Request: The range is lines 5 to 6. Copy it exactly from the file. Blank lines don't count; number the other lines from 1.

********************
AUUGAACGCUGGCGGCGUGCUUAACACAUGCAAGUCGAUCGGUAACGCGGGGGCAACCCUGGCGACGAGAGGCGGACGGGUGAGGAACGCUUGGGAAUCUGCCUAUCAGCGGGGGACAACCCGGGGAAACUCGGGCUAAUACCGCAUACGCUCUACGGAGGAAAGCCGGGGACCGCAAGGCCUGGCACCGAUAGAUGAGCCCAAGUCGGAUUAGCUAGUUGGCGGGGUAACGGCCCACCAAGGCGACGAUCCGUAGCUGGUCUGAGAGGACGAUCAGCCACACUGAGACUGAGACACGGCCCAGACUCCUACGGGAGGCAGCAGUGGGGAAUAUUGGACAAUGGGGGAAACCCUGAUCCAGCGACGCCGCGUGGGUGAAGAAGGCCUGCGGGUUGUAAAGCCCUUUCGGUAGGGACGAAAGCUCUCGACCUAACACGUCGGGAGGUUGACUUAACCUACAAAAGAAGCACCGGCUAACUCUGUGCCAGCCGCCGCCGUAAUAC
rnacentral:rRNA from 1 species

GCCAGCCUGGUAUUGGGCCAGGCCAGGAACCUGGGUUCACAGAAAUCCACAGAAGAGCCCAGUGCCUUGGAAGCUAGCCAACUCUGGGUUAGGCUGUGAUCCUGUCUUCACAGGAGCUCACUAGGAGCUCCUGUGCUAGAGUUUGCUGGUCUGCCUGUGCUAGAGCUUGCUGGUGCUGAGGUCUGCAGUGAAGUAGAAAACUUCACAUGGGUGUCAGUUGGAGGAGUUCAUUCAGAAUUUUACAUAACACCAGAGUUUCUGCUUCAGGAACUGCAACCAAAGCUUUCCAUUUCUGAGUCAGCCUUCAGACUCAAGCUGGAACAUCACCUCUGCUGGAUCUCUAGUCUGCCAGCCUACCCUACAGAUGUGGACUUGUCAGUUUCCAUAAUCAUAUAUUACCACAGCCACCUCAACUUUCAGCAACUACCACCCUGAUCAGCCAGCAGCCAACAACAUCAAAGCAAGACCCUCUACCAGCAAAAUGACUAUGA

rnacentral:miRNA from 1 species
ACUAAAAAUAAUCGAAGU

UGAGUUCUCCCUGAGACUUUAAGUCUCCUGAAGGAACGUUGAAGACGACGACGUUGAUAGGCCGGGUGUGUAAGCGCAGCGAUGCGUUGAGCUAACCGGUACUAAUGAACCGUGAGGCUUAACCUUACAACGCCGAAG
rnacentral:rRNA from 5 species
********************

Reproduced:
ACUAAAAAUAAUCGAAGU

UGAGUUCUCCCUGAGACUUUAAGUCUCCUGAAGGAACGUUGAAGACGACGACGUUGAUAGGCCGGGUGUGUAAGCGCAGCGAUGCGUUGAGCUAACCGGUACUAAUGAACCGUGAGGCUUAACCUUACAACGCCGAAG